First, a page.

Worry at syphilis outbreak in city

by Kim O Leary
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By Kim O’Leary

Irish health officials are warning of a national outbreak of syphilis, with 40 per cent of cases in Dublin.

Syphilis is a bacterial infection usually spread by sexual contact. Untreated, it can cause serious health problems to the heart, braain, eyes and nervous system, and complications may take many years to develop.

According to the Health Protection Surveillance Centre (HPSC), a national outbreak of early infectious syphilis (EIS) was declared and has been under investigation last month.

There were 242 cases reported in the first four months of this year in Ireland, with almost 100 of these cases in Dublin. According to latest data released by the HPSC, 223 men developed syphilis compared to 22 women.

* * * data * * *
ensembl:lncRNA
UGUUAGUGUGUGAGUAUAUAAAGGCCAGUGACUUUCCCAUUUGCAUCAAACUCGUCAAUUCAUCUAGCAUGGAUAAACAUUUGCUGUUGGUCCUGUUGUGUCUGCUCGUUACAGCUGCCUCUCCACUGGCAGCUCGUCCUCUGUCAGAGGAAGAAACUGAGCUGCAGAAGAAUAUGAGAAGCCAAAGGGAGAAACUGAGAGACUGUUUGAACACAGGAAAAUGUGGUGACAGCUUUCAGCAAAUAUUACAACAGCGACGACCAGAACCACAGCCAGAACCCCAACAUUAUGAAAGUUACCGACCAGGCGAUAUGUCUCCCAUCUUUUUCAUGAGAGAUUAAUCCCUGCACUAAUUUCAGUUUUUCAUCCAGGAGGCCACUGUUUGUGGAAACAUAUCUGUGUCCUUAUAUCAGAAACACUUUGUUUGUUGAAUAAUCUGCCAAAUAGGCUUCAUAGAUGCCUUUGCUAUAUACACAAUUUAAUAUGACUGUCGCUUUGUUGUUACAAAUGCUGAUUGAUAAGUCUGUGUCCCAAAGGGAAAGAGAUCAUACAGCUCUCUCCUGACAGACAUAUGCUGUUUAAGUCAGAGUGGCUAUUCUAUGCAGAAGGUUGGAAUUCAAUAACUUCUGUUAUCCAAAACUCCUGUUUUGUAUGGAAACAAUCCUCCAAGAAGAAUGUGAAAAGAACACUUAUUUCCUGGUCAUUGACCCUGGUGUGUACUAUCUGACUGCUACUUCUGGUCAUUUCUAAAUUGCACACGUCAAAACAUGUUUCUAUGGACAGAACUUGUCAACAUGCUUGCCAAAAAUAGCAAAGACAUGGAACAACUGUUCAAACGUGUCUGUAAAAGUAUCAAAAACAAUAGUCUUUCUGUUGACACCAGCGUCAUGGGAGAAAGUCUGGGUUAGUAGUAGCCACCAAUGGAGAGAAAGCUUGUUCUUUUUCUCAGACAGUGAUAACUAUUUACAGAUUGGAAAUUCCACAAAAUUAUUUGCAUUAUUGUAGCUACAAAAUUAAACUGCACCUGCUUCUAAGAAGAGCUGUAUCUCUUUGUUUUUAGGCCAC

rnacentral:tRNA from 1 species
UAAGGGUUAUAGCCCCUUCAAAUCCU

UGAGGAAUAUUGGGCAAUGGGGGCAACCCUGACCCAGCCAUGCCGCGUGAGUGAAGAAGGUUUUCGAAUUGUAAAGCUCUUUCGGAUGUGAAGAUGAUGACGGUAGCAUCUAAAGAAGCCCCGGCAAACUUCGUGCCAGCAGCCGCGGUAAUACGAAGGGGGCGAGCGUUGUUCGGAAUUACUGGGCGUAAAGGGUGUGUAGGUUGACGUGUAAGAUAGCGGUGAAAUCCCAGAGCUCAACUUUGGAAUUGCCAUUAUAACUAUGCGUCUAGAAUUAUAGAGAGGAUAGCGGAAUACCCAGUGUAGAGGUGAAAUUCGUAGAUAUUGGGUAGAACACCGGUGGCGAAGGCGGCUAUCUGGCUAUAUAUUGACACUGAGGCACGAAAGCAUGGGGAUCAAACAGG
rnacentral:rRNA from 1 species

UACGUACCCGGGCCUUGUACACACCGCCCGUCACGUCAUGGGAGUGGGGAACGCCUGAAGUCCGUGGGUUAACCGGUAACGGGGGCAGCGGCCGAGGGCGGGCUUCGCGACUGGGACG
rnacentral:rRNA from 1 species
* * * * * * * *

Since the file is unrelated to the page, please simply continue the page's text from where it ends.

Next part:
The bacterial infection was found to be most prevalent in the 30-35 years with 55 cases and in people aged 25-29 years of age with 48 cases.

Health authorities have said that the situation requires “urgent action” after a small decrease in cases in 2020 – coinciding with the first wave of Covid – has now reversed.

In 2019, there were 745 confirmed cases of EIS reported, a 54% increase from the previous year (484 cases).

The number of notifications decreased in April 2020 (first wave of COVID-19), but following this decrease, they increased throughout 2020, with a total of 562 cases reported in 2020.

While the data for 2021 is incomplete, indications signify that EIS notifications are increasing and exceeding those seen in the previous year, with an increase seen in female cases.

“There is a potentially large undiagnosed reservoir of syphilis infection in Ireland due in part to the impact of Covid-19,” the HPSC said.

Common symptoms of secondary syphilis include a non-itchy rash can occur anywhere on the body, flu-like symptoms; tiredness, headaches, joint pains, fever, hair loss, lymphadenopathy, painful eyes or blurring of vision.

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